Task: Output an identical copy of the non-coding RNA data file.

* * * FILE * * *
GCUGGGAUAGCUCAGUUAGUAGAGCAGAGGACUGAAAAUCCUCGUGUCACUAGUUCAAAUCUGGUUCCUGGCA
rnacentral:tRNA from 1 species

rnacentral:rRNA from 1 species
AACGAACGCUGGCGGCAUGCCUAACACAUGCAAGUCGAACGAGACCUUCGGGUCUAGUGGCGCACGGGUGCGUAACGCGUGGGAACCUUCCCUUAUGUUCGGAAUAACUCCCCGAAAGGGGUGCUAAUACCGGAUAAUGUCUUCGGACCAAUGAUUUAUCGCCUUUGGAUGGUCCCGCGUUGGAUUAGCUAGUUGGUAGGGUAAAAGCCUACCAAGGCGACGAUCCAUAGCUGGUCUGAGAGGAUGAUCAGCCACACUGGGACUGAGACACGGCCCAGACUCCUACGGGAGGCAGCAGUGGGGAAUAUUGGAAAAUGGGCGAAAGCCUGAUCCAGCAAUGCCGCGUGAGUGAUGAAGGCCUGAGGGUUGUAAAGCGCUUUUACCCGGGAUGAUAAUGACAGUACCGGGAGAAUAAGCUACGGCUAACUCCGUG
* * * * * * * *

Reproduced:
GCUGGGAUAGCUCAGUUAGUAGAGCAGAGGACUGAAAAUCCUCGUGUCACUAGUUCAAAUCUGGUUCCUGGCA
rnacentral:tRNA from 1 species

rnacentral:rRNA from 1 species
AACGAACGCUGGCGGCAUGCCUAACACAUGCAAGUCGAACGAGACCUUCGGGUCUAGUGGCGCACGGGUGCGUAACGCGUGGGAACCUUCCCUUAUGUUCGGAAUAACUCCCCGAAAGGGGUGCUAAUACCGGAUAAUGUCUUCGGACCAAUGAUUUAUCGCCUUUGGAUGGUCCCGCGUUGGAUUAGCUAGUUGGUAGGGUAAAAGCCUACCAAGGCGACGAUCCAUAGCUGGUCUGAGAGGAUGAUCAGCCACACUGGGACUGAGACACGGCCCAGACUCCUACGGGAGGCAGCAGUGGGGAAUAUUGGAAAAUGGGCGAAAGCCUGAUCCAGCAAUGCCGCGUGAGUGAUGAAGGCCUGAGGGUUGUAAAGCGCUUUUACCCGGGAUGAUAAUGACAGUACCGGGAGAAUAAGCUACGGCUAACUCCGUG